Crowdfunding Community Radio?

This crowdsourced funding call to build a new community radio station crossed my tweet-stream Tuesday. The Media Institute for Social Change, a non-profit media literacy/empowerment group in Portland, Oregon, has apparently secured a “rare opportunity” to build a new radio station in town. The goal of its campaign is to raise $3,500 by November 16. As of today, $2,220 has been pledged.
“We have accomplished perhaps the hardest part – we have acquired an FCC license, an incredibly rare commodity,” writes the Media Institute for Social Change’s executive director Phil Busse. “Your donation, quite literally, will be the nucleus around which the radio station is built….
By no means does this amount reflect the real costs of starting a station, but we have (as they say) friends in the business who are providing equipment and services at greatly reduced rates; no, not free, but at a fraction market-value.”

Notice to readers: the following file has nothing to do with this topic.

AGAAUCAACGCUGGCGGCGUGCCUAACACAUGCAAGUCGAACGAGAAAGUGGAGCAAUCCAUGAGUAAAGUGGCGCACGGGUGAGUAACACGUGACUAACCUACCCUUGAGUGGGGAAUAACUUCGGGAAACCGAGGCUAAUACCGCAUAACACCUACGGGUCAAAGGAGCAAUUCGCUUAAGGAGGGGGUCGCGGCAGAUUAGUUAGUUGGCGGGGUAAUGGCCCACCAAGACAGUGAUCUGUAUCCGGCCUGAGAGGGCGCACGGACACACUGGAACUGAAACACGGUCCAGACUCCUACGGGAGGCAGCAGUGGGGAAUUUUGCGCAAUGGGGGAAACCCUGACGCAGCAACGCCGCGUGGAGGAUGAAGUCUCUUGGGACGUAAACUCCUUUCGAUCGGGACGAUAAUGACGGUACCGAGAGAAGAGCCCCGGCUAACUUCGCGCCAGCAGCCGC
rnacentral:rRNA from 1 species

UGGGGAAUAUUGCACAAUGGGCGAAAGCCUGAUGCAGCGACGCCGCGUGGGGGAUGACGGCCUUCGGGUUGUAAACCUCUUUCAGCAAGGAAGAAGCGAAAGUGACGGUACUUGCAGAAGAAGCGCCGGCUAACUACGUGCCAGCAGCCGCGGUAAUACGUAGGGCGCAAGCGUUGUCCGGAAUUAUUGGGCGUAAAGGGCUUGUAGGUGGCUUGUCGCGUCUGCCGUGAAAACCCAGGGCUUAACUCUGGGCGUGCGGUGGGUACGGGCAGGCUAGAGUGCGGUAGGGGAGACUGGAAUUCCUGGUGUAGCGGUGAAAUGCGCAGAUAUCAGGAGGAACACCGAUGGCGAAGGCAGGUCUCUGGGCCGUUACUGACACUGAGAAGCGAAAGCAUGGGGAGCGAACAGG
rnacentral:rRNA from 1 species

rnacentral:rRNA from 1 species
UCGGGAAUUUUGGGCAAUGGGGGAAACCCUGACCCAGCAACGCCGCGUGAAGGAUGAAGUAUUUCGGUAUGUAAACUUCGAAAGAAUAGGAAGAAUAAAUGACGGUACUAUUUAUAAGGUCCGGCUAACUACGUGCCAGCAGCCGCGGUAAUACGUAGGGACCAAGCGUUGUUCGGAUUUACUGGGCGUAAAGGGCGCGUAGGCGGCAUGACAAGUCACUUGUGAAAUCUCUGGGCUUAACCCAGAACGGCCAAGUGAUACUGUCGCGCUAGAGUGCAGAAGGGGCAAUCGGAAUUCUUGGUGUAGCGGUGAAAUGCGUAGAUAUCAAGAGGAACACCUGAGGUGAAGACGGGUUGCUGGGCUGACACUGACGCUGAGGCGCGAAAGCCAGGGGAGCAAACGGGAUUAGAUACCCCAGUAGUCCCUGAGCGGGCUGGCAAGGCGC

It costs more than $3,500 to build out a low-power FM radio station – but the FCC hasn’t given out new licenses for those in years (this is likely to change in 2013). Building out a full-power station is even more expensive.
I couldn’t find an FM station construction permit for the Media Institute for Social Change in the FCC’s database (though my mining-skills are admittedly rusty), but I did find records about the organization’s plan to purchase a 28-watt FM translator in Nehalem, Oregon – some 80 miles from Portland – for $10,000, filed in August.
The seller was the Educational Media Foundation, a significant participant in the 2003 Great Translator Invasion – an event best known its rash of speculative filings for translators.
Spectrum scarcity makes for strange bedfellows.